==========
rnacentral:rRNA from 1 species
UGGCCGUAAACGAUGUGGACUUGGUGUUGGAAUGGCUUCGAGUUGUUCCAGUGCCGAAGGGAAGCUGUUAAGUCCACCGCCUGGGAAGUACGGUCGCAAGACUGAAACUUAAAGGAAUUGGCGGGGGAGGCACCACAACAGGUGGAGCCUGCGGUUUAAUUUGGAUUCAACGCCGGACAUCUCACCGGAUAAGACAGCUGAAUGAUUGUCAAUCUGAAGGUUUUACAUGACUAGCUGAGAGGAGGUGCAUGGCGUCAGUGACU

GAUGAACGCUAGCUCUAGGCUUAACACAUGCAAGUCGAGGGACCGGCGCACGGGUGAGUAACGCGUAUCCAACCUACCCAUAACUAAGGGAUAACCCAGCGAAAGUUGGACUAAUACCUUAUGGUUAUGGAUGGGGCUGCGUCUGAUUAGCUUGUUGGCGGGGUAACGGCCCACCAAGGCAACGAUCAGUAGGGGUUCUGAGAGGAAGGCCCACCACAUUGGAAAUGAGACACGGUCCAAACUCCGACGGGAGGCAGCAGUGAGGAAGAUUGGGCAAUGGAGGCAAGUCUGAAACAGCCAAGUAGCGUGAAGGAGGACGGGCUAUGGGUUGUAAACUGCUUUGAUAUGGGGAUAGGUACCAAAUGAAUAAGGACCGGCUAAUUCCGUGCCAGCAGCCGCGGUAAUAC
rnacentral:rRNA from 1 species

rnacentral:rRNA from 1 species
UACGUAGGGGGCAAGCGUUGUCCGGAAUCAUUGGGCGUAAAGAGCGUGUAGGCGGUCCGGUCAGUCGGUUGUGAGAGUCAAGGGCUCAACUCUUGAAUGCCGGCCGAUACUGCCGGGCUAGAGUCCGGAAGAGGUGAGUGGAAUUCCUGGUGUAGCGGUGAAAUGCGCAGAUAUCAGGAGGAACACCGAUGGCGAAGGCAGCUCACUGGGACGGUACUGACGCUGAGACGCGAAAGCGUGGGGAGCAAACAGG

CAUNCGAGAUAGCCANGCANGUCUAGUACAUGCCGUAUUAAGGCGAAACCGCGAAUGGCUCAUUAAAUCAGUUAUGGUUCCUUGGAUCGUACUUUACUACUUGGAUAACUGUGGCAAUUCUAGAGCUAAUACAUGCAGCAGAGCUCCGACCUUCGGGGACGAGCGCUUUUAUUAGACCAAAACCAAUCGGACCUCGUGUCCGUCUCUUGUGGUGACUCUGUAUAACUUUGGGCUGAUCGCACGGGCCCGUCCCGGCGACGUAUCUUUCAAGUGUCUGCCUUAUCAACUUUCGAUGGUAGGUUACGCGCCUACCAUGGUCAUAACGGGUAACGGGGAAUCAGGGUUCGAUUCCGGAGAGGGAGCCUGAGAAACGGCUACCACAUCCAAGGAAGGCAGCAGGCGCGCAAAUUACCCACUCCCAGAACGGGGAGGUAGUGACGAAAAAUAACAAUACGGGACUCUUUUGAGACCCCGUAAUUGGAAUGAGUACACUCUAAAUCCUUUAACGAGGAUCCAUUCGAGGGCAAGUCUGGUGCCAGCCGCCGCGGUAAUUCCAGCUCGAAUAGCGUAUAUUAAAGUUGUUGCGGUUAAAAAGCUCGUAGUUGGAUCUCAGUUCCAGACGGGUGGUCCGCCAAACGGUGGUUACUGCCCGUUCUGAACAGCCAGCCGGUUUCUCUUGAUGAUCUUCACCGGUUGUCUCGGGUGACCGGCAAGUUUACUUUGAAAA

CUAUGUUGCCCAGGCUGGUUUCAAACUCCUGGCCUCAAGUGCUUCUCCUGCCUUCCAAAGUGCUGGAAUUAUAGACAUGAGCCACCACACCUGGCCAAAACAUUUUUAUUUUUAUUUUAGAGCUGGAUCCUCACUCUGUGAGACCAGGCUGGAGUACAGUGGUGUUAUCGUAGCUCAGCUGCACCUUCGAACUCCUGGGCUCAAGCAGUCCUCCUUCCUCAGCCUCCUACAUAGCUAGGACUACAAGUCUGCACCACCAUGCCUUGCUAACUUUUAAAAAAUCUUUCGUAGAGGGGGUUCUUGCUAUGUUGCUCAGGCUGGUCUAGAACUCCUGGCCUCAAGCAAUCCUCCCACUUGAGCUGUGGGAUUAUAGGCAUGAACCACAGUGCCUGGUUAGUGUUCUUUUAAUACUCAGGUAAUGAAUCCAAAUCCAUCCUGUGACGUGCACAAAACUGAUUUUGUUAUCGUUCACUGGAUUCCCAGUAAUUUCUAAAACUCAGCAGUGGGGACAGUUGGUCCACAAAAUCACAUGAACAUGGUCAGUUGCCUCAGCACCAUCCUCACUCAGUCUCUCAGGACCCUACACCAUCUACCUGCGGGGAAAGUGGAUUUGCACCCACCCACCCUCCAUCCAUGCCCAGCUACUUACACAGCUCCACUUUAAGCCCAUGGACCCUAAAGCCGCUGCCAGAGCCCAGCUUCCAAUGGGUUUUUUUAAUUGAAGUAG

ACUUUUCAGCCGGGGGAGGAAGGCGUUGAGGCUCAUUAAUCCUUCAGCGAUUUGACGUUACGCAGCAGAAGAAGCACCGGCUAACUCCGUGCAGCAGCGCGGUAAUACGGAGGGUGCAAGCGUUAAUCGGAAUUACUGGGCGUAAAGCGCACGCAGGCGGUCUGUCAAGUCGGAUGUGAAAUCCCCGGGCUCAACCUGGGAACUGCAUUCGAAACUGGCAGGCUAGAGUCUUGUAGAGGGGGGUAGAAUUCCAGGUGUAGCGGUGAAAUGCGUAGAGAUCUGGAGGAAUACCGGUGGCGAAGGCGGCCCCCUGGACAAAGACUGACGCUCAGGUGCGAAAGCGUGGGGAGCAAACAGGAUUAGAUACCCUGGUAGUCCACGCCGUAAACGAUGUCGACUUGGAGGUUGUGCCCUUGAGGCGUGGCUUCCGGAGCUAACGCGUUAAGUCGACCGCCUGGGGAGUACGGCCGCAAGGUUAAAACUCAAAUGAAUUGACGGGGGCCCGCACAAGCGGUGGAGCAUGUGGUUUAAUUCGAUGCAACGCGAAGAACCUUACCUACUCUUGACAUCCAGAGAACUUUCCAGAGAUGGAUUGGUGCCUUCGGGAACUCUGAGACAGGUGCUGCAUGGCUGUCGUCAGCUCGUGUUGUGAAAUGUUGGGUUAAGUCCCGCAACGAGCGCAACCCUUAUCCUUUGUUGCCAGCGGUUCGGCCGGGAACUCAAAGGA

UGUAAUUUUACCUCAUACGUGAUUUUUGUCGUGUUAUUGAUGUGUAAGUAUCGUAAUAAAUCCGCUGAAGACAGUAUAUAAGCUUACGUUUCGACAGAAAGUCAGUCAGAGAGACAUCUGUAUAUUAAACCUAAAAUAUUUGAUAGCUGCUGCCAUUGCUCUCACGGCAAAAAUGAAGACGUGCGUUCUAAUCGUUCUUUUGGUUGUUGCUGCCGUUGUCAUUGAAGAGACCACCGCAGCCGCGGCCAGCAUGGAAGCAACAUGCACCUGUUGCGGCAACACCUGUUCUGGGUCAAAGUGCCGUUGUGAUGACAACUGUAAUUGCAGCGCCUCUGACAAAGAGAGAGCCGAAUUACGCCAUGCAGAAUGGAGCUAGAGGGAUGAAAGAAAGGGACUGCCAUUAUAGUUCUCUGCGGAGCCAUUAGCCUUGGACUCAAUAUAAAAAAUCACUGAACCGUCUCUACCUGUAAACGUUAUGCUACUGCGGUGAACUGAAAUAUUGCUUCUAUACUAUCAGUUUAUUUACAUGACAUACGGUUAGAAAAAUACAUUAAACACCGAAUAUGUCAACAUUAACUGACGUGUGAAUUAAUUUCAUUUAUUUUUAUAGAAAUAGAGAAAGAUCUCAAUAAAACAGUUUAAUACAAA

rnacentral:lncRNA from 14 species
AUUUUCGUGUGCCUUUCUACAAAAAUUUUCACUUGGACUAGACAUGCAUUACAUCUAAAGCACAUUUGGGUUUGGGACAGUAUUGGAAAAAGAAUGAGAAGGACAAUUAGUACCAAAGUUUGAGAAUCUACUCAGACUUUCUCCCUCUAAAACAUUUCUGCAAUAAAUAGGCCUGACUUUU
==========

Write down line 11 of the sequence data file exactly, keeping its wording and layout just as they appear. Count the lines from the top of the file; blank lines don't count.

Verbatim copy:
rnacentral:lncRNA from 14 species